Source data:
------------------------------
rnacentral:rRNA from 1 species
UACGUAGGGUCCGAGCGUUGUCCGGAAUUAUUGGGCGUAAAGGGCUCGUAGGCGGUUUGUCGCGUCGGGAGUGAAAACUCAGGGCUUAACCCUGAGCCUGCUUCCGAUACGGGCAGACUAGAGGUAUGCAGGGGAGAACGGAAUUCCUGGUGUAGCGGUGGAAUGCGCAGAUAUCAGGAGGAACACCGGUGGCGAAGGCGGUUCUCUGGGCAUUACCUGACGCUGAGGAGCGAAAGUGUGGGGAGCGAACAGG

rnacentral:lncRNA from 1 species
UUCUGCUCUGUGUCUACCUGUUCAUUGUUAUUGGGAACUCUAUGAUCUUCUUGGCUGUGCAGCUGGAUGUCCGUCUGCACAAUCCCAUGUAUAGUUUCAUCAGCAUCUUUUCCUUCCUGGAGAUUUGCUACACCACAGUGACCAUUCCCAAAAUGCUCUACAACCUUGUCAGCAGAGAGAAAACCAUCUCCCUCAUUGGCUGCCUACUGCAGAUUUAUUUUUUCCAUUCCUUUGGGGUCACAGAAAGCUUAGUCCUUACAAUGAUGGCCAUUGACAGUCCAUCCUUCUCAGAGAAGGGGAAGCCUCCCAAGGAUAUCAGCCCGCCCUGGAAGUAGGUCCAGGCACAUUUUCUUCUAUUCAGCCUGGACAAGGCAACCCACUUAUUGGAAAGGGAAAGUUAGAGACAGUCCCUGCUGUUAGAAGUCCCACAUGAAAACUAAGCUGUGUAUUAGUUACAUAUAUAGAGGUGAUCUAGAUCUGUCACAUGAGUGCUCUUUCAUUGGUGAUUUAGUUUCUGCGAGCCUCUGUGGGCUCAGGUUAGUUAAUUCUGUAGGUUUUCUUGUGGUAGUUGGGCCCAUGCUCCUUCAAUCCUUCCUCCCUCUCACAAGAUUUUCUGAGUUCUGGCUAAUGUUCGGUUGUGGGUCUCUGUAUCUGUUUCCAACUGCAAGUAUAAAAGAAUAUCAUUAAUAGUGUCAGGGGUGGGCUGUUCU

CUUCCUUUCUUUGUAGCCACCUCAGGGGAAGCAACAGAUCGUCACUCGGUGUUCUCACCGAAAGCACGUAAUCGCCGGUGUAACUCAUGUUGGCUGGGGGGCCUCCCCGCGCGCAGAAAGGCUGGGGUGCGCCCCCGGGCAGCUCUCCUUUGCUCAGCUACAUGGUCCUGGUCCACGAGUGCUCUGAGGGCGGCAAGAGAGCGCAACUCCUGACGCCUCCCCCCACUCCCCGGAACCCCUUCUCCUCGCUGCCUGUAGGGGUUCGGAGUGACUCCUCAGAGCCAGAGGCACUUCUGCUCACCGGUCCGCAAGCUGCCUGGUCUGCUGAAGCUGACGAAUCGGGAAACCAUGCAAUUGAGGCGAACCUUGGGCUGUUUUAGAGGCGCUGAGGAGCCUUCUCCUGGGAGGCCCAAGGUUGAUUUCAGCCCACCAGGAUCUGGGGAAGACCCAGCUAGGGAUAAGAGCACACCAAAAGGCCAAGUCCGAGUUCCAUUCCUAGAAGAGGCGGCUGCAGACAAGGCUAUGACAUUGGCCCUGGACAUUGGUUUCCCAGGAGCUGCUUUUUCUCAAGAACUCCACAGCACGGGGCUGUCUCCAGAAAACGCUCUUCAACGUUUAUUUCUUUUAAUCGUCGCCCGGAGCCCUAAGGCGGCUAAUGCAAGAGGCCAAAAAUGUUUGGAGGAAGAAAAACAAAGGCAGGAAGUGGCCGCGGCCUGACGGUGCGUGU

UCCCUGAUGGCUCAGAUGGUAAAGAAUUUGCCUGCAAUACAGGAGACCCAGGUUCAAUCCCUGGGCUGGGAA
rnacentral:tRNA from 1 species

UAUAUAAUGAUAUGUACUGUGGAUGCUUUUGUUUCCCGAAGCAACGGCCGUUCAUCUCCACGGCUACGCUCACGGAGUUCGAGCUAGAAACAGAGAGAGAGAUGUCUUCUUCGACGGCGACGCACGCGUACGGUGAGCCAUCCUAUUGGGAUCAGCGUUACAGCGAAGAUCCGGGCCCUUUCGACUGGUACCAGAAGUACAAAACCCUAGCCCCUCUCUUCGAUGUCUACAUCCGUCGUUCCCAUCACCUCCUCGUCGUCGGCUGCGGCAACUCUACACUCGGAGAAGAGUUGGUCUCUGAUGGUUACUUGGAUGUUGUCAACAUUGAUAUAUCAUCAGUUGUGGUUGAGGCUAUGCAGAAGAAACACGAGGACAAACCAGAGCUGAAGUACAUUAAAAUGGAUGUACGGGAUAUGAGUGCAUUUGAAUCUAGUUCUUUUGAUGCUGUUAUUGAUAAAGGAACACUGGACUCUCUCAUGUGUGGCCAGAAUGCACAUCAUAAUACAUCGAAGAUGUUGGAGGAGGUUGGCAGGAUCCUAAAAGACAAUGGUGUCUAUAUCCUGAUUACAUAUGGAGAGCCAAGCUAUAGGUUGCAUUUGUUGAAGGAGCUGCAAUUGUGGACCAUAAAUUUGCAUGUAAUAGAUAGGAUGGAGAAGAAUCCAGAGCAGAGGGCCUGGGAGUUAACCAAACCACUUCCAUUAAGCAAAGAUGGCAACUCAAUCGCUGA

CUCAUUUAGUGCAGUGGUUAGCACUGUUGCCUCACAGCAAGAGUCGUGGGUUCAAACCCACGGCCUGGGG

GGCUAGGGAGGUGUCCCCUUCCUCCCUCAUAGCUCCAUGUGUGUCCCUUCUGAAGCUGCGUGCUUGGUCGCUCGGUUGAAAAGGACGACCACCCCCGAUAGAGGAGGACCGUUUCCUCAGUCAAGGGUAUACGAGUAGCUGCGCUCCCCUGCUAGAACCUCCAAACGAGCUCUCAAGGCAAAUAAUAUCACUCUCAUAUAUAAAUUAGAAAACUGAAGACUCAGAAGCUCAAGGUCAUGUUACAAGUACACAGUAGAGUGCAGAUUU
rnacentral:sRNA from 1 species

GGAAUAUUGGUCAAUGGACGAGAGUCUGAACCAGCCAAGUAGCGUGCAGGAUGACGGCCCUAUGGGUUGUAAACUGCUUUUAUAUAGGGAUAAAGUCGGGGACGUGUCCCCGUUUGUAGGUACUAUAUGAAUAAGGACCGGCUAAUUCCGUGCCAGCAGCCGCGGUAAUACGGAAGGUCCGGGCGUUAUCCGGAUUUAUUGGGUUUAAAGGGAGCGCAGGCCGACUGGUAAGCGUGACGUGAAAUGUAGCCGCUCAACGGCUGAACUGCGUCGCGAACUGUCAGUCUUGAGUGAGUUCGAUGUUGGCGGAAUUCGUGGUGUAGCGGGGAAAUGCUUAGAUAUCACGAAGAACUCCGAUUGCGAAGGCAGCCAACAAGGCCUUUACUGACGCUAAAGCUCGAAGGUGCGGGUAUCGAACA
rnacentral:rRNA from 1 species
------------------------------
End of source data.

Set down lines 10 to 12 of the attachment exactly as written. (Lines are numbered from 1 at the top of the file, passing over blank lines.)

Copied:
GGCUAGGGAGGUGUCCCCUUCCUCCCUCAUAGCUCCAUGUGUGUCCCUUCUGAAGCUGCGUGCUUGGUCGCUCGGUUGAAAAGGACGACCACCCCCGAUAGAGGAGGACCGUUUCCUCAGUCAAGGGUAUACGAGUAGCUGCGCUCCCCUGCUAGAACCUCCAAACGAGCUCUCAAGGCAAAUAAUAUCACUCUCAUAUAUAAAUUAGAAAACUGAAGACUCAGAAGCUCAAGGUCAUGUUACAAGUACACAGUAGAGUGCAGAUUU
rnacentral:sRNA from 1 species

GGAAUAUUGGUCAAUGGACGAGAGUCUGAACCAGCCAAGUAGCGUGCAGGAUGACGGCCCUAUGGGUUGUAAACUGCUUUUAUAUAGGGAUAAAGUCGGGGACGUGUCCCCGUUUGUAGGUACUAUAUGAAUAAGGACCGGCUAAUUCCGUGCCAGCAGCCGCGGUAAUACGGAAGGUCCGGGCGUUAUCCGGAUUUAUUGGGUUUAAAGGGAGCGCAGGCCGACUGGUAAGCGUGACGUGAAAUGUAGCCGCUCAACGGCUGAACUGCGUCGCGAACUGUCAGUCUUGAGUGAGUUCGAUGUUGGCGGAAUUCGUGGUGUAGCGGGGAAAUGCUUAGAUAUCACGAAGAACUCCGAUUGCGAAGGCAGCCAACAAGGCCUUUACUGACGCUAAAGCUCGAAGGUGCGGGUAUCGAACA